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EGU Guest blogger

This guest post was contributed by a scientist, student or a professional in the Earth, planetary or space sciences. The EGU blogs welcome guest contributions, so if you've got a great idea for a post or fancy trying your hand at science communication, please contact the blog editor or the EGU Communications Officer to pitch your idea.

Imaggeo On Monday: Graduate life – keep going, don’t give up

Imaggeo On Monday: Graduate life – keep going, don’t give up

The Algarve barrier island system in southern Portugal: the land is sinking due to deltaic sediment compaction and urbanization, and the sea water level is rising due to global warming. Photo by Makan A. Karegar, description as shown on imaggeo.egu.eu.   Imaggeo is the EGU’s online open access geosciences image repository. All geoscientists (and others) can submit their photographs and videos ...[Read More]

Imaggeo On Monday: Observation of the Stars

Imaggeo On Monday: Observation of the Stars

TUBITAK National Observatory (TUG) is located at an altitude of 2500 m, on the top of Bakirlitepe mountain in Saklikent region of the city of Antalya which is located on the Mediterranian coast of Turkey. Besides research and training activities, TUG feels the responsibility of creating awareness in astronomy and space sciences. In this context, TUG regularly organizes a yearly star fest at Saklik ...[Read More]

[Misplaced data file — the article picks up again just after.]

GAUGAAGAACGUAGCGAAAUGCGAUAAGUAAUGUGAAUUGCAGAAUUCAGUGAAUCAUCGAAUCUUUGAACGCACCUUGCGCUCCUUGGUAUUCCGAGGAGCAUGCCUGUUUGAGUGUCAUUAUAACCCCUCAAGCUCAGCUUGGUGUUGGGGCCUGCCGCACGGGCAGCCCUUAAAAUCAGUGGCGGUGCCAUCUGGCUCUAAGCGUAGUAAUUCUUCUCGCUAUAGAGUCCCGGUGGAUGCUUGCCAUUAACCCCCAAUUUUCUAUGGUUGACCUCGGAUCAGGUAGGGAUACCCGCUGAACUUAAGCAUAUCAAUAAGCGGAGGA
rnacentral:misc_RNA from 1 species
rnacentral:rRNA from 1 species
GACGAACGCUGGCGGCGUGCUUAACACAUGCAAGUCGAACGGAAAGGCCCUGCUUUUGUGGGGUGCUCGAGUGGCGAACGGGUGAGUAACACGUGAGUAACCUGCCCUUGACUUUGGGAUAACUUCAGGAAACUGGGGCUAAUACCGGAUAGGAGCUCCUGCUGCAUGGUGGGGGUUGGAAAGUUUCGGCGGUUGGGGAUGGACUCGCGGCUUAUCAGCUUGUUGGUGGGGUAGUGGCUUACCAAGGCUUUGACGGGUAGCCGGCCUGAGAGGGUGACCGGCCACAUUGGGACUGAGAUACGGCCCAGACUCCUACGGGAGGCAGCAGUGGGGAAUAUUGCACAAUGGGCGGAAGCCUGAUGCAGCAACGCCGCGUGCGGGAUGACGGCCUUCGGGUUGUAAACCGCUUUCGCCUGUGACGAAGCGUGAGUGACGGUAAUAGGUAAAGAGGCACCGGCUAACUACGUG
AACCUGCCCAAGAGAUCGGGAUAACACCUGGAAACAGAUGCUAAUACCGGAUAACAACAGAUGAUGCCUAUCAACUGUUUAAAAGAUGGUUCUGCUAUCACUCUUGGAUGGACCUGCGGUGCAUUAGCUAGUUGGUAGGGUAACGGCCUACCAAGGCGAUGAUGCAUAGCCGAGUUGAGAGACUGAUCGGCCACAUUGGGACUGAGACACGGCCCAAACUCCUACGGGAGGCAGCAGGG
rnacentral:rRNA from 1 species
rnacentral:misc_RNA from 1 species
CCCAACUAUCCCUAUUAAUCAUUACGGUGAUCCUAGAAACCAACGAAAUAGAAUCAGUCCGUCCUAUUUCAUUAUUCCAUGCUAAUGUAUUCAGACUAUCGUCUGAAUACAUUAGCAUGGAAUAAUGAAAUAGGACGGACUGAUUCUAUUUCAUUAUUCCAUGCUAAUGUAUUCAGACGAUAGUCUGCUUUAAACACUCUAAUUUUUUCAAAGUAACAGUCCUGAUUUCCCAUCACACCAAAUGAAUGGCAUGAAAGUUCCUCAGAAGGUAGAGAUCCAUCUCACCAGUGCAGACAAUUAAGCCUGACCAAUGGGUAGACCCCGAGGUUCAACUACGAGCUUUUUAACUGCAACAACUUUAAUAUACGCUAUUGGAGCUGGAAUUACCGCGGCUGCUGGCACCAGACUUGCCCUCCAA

Imaggeo On Monday: Welcome aboard Planet Earth

Imaggeo On Monday: Welcome aboard Planet Earth

The large suspended globe in the foreground and a suspended pathway in the background. The composition gives an impression that the museum visitors are entering into the Earth, perhaps even boarding an Earthly spaceship. Photo taken at Miraikan – the National Museum of Emerging Science and Innovation in Tokyo, Japan. At the moment the photo was taken the projection shows a satellite image of ...[Read More]

Imaggeo On Monday: Rock flour in suspension in Lake Louise

Imaggeo On Monday: Rock flour in suspension in Lake Louise

The waters of Lake Lousie in the Canadian Rockies are cold and fresh, supplied direct from the glaciers nestled in the mountains, but as the water from the glacier melts it carries with it tiny particles of rock dust that are also transported into the lake. As you can see in this image, the particulate rock matter, held in suspension in the lake, creates this beautiful pale turquoise colour, that ...[Read More]